8 and Under: Keaukaha

8 and Under: Keaukaha

Members of the championship team, as pictured, are JJ Mandaquit, Peyton Pana, Jaiden Gabriel, Jaety Mandaqui, Tiffany Castillo, Jaziah Oili and Kawika Lyons. They are coached by Jason Mandaquit and assistant Lexi Pana.

In the High School Division, Jonah Bredeson tallied 18 points to lead the Kona Stingrays to a 55-41 title game victory over the Kohala Magic. The Magic were led by Kala Jordan’s 19 points.

High School: Kona Stingrays

High School: Kona Stingrays

Members of the High School Division champions, as pictured, are Austin Aukai, Tolby Saito, Tanner Gray, Kevin Medeiros, Chase Takaki, Torrell Thomas, Jonah Bredeson and Kili Oliveira. (Not pictured: Brandon Awa and Poʻokela Hanato-Smith.) They are coached by Don Awa.

The tournament also featured the appearance of McGruff the Crime Dog and Darren the D.A.R.E. Lion who helped HI-PAL Officer Joseph Botelho Jr. remind the youth about crime prevention and the importance of wearing their seat belts.

“HI-PAL will be hosting future events to continue promoting seat belt use and providing safe drug free events for our youth,” said Officer Botelho. “Anyone interested in participating or wanting further information on any Click It or Ticket or HI-PAL event, may contact me at 961-8121 or HI-PAL Officer Randy Morris at 326-4646, extension 258.”

Hawaii Tropical Fruit Growers Names Recipients of Appreciation Awards

The Hawaii Tropical Fruit Growers (HTFG) recently named the recipients of its appreciation awards, given annually to supporters of the state’s local fruit industry.

Hawaii Tropical Fruit Growers

The six award winners were lauded at the recent HTFG annual conference, which boasted a record-breaking 250 attendees from Hawaii, California and other states, plus Malaysia, Japan, Puerto Rico and South America.

Recipients are Ono Pops, Whole Foods in Hawaii, James Simpliciano, Ed Kenney and Dr. Francis Zee.

“Each of our award recipients have gone out of their way to help Hawaii’s fruit industry prosper,” notes Ken Love, HTFG executive director.

Ono Pops of Oahu was recognized for only using locally sourced fruit with other ingredients to create its gourmet popsicles while Whole Foods was tapped for “working toward marketing more and more local produce” and serving as locations on both Oahu and Maui to host HTFG’s ultra-exotic fruit tasting and culinary demonstrations.

Chef Ed Kenney of Oahu’s Town Restaurant was cited for his focus on sourcing local fruit and living true to his motto, “Local first, organic whenever possible, with aloha always…” James Simpliciano, Lahaina citrus grower and former chef at the Westin Maui Resort, was lauded for “typifying the best of both the culinary and agricultural worlds.”

Dr. Francis Zee, horticulturist and retired USDA researcher at Hilo’s Pacific Basin Agricultural Research Center (PBARC), was recognized for his efforts in assisting fruit growers statewide, in addition to being credited as “the grandfather of tea growing and processing on the Big Island.”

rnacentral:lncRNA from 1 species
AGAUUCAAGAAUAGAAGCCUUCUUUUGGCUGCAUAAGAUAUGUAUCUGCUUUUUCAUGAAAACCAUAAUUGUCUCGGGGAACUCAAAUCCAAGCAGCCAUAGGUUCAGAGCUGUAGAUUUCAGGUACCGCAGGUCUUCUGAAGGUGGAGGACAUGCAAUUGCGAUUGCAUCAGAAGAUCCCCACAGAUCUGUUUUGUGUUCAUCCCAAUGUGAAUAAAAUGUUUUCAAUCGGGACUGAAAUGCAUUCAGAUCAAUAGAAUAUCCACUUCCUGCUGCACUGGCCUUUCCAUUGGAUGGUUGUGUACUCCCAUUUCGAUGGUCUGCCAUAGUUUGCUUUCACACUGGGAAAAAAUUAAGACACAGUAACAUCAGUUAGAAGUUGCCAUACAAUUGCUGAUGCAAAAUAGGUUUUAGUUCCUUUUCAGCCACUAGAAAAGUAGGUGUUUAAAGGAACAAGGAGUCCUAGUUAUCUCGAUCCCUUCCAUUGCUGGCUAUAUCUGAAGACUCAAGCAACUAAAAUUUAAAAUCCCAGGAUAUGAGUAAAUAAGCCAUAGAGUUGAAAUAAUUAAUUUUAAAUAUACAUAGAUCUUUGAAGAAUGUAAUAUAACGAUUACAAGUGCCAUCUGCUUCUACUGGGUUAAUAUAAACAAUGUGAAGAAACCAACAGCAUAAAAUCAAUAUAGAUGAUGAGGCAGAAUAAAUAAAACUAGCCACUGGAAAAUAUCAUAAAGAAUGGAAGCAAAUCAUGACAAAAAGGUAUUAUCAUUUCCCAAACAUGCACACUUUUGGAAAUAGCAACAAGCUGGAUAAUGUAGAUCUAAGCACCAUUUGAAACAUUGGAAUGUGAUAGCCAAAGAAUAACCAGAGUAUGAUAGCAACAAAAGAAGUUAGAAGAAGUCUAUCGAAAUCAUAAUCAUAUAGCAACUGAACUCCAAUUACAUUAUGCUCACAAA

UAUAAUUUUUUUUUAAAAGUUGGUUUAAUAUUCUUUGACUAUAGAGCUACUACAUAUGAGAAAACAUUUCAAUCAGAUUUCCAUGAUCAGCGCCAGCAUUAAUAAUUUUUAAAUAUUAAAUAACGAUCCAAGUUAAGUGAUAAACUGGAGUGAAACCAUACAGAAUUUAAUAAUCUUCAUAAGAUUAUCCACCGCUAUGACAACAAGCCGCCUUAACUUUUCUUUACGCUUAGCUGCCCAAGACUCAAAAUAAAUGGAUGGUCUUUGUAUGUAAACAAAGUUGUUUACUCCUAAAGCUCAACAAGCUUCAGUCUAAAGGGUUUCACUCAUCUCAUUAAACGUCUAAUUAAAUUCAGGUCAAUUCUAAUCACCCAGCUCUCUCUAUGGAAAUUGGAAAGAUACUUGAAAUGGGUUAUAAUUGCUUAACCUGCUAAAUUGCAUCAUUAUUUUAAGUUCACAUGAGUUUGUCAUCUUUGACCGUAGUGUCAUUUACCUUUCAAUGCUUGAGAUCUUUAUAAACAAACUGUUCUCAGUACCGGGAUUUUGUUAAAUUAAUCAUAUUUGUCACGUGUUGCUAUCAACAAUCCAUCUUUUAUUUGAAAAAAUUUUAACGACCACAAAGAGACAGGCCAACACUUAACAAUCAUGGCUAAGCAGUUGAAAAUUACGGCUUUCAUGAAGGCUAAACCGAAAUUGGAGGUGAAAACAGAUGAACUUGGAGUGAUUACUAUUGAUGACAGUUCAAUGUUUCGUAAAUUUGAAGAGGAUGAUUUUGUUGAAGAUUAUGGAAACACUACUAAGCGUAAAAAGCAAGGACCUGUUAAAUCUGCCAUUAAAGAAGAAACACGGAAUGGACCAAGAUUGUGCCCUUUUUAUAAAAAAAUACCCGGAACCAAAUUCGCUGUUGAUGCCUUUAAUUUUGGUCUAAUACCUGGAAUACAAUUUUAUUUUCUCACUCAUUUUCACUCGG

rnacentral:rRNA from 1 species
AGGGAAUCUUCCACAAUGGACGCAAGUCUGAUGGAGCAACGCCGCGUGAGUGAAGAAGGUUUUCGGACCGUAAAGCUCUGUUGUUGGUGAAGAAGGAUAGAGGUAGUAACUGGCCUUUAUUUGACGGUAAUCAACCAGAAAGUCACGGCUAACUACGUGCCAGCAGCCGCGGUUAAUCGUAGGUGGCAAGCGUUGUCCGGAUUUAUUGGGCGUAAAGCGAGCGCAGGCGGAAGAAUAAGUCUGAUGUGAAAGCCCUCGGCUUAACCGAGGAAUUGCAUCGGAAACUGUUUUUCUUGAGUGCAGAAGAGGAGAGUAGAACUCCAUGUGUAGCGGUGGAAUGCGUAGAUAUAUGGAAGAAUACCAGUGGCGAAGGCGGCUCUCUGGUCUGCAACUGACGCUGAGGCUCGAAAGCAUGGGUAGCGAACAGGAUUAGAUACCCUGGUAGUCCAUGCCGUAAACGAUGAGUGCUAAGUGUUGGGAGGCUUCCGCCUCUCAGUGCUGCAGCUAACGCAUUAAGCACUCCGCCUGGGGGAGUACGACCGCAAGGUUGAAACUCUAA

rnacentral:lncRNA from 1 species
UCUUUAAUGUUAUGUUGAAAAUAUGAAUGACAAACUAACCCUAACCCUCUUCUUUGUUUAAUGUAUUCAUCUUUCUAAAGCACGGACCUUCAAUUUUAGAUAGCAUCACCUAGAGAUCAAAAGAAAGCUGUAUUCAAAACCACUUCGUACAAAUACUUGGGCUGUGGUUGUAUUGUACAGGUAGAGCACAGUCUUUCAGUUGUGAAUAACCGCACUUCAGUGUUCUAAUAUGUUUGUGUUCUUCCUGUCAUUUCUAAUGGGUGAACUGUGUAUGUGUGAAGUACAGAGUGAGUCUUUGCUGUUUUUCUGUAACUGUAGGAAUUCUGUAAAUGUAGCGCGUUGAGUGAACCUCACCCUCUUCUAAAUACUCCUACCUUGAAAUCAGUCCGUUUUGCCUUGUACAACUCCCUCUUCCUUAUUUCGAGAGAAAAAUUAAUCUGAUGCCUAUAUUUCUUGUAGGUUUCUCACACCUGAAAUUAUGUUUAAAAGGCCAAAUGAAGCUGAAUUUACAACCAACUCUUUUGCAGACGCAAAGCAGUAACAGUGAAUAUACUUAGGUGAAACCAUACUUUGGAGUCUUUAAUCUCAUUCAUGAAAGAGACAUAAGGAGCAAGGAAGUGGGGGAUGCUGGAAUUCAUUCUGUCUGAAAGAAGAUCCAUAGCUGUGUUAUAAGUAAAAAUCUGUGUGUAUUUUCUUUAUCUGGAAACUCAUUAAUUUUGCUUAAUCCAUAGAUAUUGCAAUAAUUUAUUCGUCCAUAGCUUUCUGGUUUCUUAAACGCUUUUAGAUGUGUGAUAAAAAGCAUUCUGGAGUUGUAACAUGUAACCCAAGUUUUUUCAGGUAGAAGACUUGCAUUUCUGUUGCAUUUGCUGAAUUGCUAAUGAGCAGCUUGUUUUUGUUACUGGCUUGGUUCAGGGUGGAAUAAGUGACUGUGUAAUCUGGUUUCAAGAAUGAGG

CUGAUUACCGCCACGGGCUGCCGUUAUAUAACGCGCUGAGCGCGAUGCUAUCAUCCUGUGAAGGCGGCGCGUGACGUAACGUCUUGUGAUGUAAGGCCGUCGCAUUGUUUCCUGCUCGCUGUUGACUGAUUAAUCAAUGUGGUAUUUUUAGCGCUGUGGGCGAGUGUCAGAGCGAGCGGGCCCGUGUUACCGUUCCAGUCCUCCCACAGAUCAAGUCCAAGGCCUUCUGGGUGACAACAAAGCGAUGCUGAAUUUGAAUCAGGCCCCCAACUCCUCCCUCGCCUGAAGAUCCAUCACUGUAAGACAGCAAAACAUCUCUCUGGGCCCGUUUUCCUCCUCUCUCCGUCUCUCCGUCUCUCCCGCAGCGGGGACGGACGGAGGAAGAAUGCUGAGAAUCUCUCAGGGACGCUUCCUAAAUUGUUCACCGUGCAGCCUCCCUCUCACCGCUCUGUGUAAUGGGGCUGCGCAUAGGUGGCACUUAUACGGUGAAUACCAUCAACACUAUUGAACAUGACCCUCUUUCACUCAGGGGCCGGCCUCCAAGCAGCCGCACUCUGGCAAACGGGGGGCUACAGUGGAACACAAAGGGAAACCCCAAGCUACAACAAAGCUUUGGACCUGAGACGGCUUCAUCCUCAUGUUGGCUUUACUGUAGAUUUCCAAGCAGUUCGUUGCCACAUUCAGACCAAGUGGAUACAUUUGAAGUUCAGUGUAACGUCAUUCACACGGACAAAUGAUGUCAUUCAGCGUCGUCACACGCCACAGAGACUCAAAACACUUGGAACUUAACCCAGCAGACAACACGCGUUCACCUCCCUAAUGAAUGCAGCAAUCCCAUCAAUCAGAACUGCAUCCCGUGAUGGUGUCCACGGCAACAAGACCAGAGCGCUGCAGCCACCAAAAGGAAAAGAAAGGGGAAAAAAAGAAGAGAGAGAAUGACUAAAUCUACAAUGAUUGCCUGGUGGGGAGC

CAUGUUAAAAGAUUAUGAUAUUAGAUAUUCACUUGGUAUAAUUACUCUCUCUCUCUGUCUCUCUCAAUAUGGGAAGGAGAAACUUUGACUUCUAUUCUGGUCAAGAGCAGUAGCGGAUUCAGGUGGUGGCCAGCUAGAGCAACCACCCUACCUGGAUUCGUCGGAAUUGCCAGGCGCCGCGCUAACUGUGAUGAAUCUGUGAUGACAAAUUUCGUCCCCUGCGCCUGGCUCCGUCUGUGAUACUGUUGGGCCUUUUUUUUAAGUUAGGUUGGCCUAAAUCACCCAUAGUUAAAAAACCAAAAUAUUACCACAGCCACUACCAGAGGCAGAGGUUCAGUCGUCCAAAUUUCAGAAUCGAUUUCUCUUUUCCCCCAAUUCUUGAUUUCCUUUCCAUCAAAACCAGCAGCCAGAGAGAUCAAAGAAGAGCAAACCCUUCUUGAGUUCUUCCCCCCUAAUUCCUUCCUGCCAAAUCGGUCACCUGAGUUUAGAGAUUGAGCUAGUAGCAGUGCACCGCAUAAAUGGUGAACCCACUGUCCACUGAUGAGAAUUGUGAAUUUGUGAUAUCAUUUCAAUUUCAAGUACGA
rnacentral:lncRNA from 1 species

Hawaii Tropical Fruit Growers: Incorporated in 1989 to promote tropical fruit grown in Hawaii, HTFG is a statewide association of tropical fruit growers, packers, distributors and hobbyists dedicated to tropical fruit research, education, marketing and promotion; http://www.hawaiitropicalfruitgrowers.org.

Free Concert Saturday Presented by the Center for Hawaiian Music Studies, Inc.

A free concert presented by the Center for Hawaiian Music Studies, In.  will be held on Saturday, November 9th from 11 – 4 at the Pahala Plantation House in Ka’u.
Free Concert

Hawaii Education Leaders Partnering in Worldwide Voyage

Schools Superintendent Kathryn Matayoshi and Hawaii State Board of Education members today joined education leaders from public and private sectors in signifying their shared support for and participation with the Polynesian Voyaging Society’s (PVS’s) Worldwide Voyage.

Just an overexposed picture I kind of like

Just an overexposed picture I kind of like

Representatives from early childhood to higher education institutions gathered at the Marine Education and Training Center on Oahu’s Sand Island to sign a memorandum of understanding in support of community based and sustainable education aligned with the PVS’s voyaging canoes Hokulea and sister vessel Hikianalia. Titled “Promise to Children,” the MOU states in part that, “We will transform our schools, empower youthful voices, and accept the responsibility of Malama Honua. We believe that by inspiring children to explore, discover and learn about Island Earth, they will navigate the future of humanity toward vitality, renewal, and compassion.”

Jenna Ishii explains some of the safety equipment

Jenna Ishii explains some of the safety equipment

“We are … excited that we can make the claim that Hawaii is with us,” said master navigator Nainoa Thompson. He said the Hokulea, in preparation for its Worldwide Voyage, has hosted more than 20,000 school children and community members while visiting ports across the Islands.

Over the next 48 months, the Worldwide Voyage will sail 49,000 nautical miles, visiting 26 countries and 85 ports while sharing Hawaii’s culture with the world. Educators are collaborating on curriculum aligned with Worldwide Voyage activities. Students will be able to embark on a virtual educational journey and participate via various technology channels and the Internet.

The decks were so hot when I was aboard the Hokulea, that they had to keep splashing water on the deck to keep our feet from burning

The decks were so hot when I was aboard the Hokulea, that they had to keep splashing water on the deck to keep our feet from burning

“This voyage not only offers lessons about world exploration and Hawaiian navigation but also the cultivation of aloha and valued Hawaiian traditions,” said Superintendent Matayoshi. “We are excited to be a partner in this educational endeavor and will build upon the knowledge over the course of the next four years. We are grateful to the Polynesian Voyaging Society for including our public school students and teachers in this mission.”

While the vessels are not slated to depart Hawaii until May 2014, plans for the Worldwide Voyage are already changing the lives of children such as Daniel Corpuz, who has been visiting the Hokulea as part of an educational program.

“It was only natural that I fell in love with PVS,” he said about growing up near the ocean in Waianae. He said the program has engaged students with culturally relevant, hands-on learning and will help change negative stereotypes on the Leeward Coast. “As they are judging, we are learning,” Corpuz added.

The Hōkūle‘a

The Hōkūle‘a

Follow along with the educational program on the Polynesian Voyaging Society’s website at hokulea.org.

The Hawaii State Department of Education is the ninth largest U.S. school district and the only statewide educational system in the country. It is comprised of 288 schools and serves more than 185,000 students. To learn more about the Department, its goals and vision for success, visit HawaiiPublicSchools.org.